Rather than try to lump this in with all the other things, I decided an ongoing project format was probably best for this one. My buddy had an old workbench top from some school workshop….not sure exactly where he got it, and it’s probably not a standard depth, but it worked out great for this project. I had the contractors save as much of the spare lumber as they could from the renovations that were happening on my building last winter, so the legs are made of 2” x 6̶...
Yes, another workbench build blog series. Not exactly a novel topic, and I will strive to keep the series to less than novel length as well. Of course, given how long this build has been simmering, if I posted on it once a week, it would be closing on Russian novel length. So, some quick background. I’ve been working wood for about 15 years now, not that my output would give much hint of that. Still, I have graduated from using a Black & Decker Workmate (a wondrous, underrate...
Yet another weekend and yet another couple days of shop time with the boy working on his bench. I have been trying to sneak in there as much as I can without him to kinda skip ahead a bit. I am not sure he has the attention span for a drawn out workbench build (ahem Stef.. ) so we need to get this thing moving lol. It all started on Saturday with the through mortises for the front legs. I was luckily able to get the oh so boooring job of laying out the mortises done while he was napping...
In my above video I share a recent visit that I made to the newly finished woodworking workshop of Frank Klausz. Frank is a world-renowned cabinetmaker and teacher who received his training in his father’s pre-electrical workshop in the mountains of Hungary. See the original blog post here. Before you ask, look at the bottom of this article for a list of all the tools that Frank mentioned in the video. When I first arrived at Frank Klausz’s home I was warmly greeted by Frank,...
The construction of the new garage last fall gave me a clean slate for setting up my small shop. The lone survivor in terms of shop furniture from that leaky, damp mess was my workbench. It survived several months in public storage and the trip back and forth. The top is solid and heavy and I don’t like to waste. It reminded me of how far I have come in my wood working and how much more I still have to learn. I scrapped the base but kept the top, thinking about how best to ...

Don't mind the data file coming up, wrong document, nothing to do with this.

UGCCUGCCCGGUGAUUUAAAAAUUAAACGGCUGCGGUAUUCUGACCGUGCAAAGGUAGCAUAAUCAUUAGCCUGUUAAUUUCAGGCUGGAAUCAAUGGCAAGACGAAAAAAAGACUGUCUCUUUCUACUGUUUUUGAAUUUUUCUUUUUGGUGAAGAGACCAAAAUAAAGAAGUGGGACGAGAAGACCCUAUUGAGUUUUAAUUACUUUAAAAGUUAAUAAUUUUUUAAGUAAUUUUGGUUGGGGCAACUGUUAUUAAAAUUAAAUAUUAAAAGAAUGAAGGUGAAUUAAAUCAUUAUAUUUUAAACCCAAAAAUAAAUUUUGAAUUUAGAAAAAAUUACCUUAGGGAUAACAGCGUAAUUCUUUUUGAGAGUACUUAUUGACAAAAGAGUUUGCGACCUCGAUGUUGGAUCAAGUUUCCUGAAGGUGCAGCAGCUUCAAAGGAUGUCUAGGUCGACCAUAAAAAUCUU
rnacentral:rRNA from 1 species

My new apprentice is visiting his grandma this morning so I took advantage of the time to get the top out of the clamps and cleaned up (long planing sessions is an activity he still doesn’t have the patience for lol). I will need to have a serious talk with him on his glueup skills (Ahem.. yep tossing dimes all over the place here).... In “our” rush the other day we glued the top up about as uneven as it would have been humanly possible to do so quite a bit of work was a...
A simple 2×4 and plywood work table. Easy to build. http://youtu.be/aujUjjXDPKA
I’m tired of seeing all these moxon vises and not making my own. They are pretty expensive. I really need something to act as a front vise on my bench. This takes care of that problem and it also raises any cutting that i’ll be doing by 7 1/2” (which helps out the back). Here is my version of the moxon vise using two pipe clamps. Check out the video. Please subscribe to my channel and check out all the other videos on there.
As a home owner I’ve struggled for years with projects because I don’t have a solid work surface. When I started wood carving recently this became painfully obvious. So now I’ve decided to invest in a proper workbench. After looking at 100s of benches online and in books I think I know what I want: Size: 6’ long, 24” deep. This will fit my workspace well. Work clamping: 1) A leg vice. For this I will use this from Veritas: http://www.veritastoo...
After the success tweaking the installation for the end vise I hoped the good karma would continue to the leg vise. Not so… It All Starts With A Small Bonk… I removed my chop from the clamps, removed the glue and jointed/planed to size. the final size was about a 2 3/8 thick – plenty. I determined the centerline of the chop and leg and clamped the chop directly to the leg. I transferred the hole locations to the chop. The it was off to the drill press. Simple. While at Marc Adam...
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